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Forum topic by Coleby posted 03-16-2011 01:53 AM 1242 views 1 time favorited 8 replies Add to Favorites Watch
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Coleby

29 posts in 2251 days


03-16-2011 01:53 AM

Topic tags/keywords: rough lumber prep walnut question planer jointer

I have a few 12 foot or longer pieces of ruff cut black walnut that I want to transform into proper stock. The stock is roughly 3” x 5” or bigger and at least 12 feet long. it definitely needs to be squared and everything. I want to get some normal 1” stock out of it. What should be my first few steps to get it as perfect as possible? Planner then jointer? how many passes? Should I shorten them some first? Any advice is greatly appreciated!

-- Dean, http://www.woodworkerColeby.com


8 replies so far

View KylesWoodworking's profile

KylesWoodworking

280 posts in 2153 days


#1 posted 03-16-2011 02:36 AM

Check out this video from wood magazine. Hope this helps.

-- http://www.kyleswoodworking.com http://www.facebook.com/kyleswoodworking

View SnowyRiver's profile

SnowyRiver

51452 posts in 2941 days


#2 posted 03-16-2011 02:49 AM

I just finished planing and jointing about 40 bd ft of black walnut for a chest that I am building. If I know what I am building with it, I cut it to the rough lenght first, leaving a few inches extra. Then I plane the surface, and then I joint it.

-- Wayne - Plymouth MN

View Coleby's profile

Coleby

29 posts in 2251 days


#3 posted 03-16-2011 03:42 AM

Thank y’all much! I’m familiar with squaring up stock but most of my projects are made from lumber that only needs ripping. Since this Walnut is so valuable I want to make sure I know what I am doing before I jump in and that’s probably one thing I will do Wayne. Having it a shorter length will make the process much easier and probably more affective.

Thanks,

-- Dean, http://www.woodworkerColeby.com

View Broglea's profile

Broglea

677 posts in 2551 days


#4 posted 03-16-2011 03:44 AM

Snowy is right. Cut it to length based on your project. Run it through the jointer to get two sides square, then follow with the planner.

If you surface the board before deciding on a project, then you may be wasting some of the board.

View Coleby's profile

Coleby

29 posts in 2251 days


#5 posted 03-16-2011 03:55 AM

If I cut the rough length then width what about thickness? I can get two to four boards from this stock I have. How do I go about cutting the thickness into thirds?

should I square one side on the jointer then rip it on table saw? Or would I get a straighter cut with a sled so that my planer will give me a flatter board with no cupping or bowing? My main concern is that my boards do not come out straight.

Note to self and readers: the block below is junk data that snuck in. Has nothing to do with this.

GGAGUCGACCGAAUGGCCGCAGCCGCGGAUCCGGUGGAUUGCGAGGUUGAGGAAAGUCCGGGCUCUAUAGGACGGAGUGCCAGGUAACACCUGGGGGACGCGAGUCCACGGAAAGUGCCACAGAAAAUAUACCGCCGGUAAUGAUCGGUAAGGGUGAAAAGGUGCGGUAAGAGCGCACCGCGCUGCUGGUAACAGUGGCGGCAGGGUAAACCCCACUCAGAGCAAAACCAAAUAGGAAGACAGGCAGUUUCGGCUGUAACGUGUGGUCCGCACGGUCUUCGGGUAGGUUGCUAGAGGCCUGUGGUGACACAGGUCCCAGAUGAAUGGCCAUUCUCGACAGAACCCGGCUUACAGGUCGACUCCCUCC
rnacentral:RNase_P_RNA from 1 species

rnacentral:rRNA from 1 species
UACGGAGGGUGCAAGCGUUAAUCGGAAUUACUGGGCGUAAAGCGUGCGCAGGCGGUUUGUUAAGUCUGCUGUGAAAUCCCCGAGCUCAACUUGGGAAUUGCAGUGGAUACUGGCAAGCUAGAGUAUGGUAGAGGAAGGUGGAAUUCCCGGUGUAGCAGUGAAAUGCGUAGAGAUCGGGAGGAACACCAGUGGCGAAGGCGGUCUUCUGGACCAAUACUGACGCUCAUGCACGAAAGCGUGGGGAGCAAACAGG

-- Dean, http://www.woodworkerColeby.com

View GaryL's profile

GaryL

1094 posts in 2291 days


#6 posted 03-16-2011 04:02 AM

This is off course from your question, but have you thought of saving this stock for future projects that need a piece of this girth. Turnings, legs, etc.
Perhaps shop around for some 4/4 that would better suit your needs.

-- Gary; Marysville, MI...Involve your children in your projects as much as possible, the return is priceless.

View Scott Bryan's profile

Scott Bryan

27251 posts in 3283 days


#7 posted 03-16-2011 04:46 AM

Coleby, if you want another video you might want to take a look at this one. It is the first of a two part video on dimensioning rough lumber in eight steps. The videos were produced by LJ, Keith Cruickshanks, and are pretty good at detailing the steps for dimensioning lumber.

-- Challenges are what make life interesting; overcoming them is what makes life meaningful- Joshua Marine

View DLCW's profile

DLCW

530 posts in 2115 days


#8 posted 03-16-2011 06:14 PM

If you have a project in mind mark out the “parts” of the project on the boards matching grain and color for the exposed parts making sure the prettiest wood is seen the most. Doing this really shows craftsmanship and the end result is much better then hacking the wood into parts and slapping them together.

A good example of this is if you are building a small table that has an inset drawer in it, use one piece of wood to make the apron of the table and cut the drawer face out of that apron. You will perfectly match the apron to the drawer face. Again, this is great craftsmanship and shows attention to detail.

I look forward to seeing the masterpiece you create from these beautiful pieces of wood.

-- Don, Diamond Lake Custom Woodworks - http://www.dlwoodworks.com - "If you make something idiot proof, all they do is make a better idiot"

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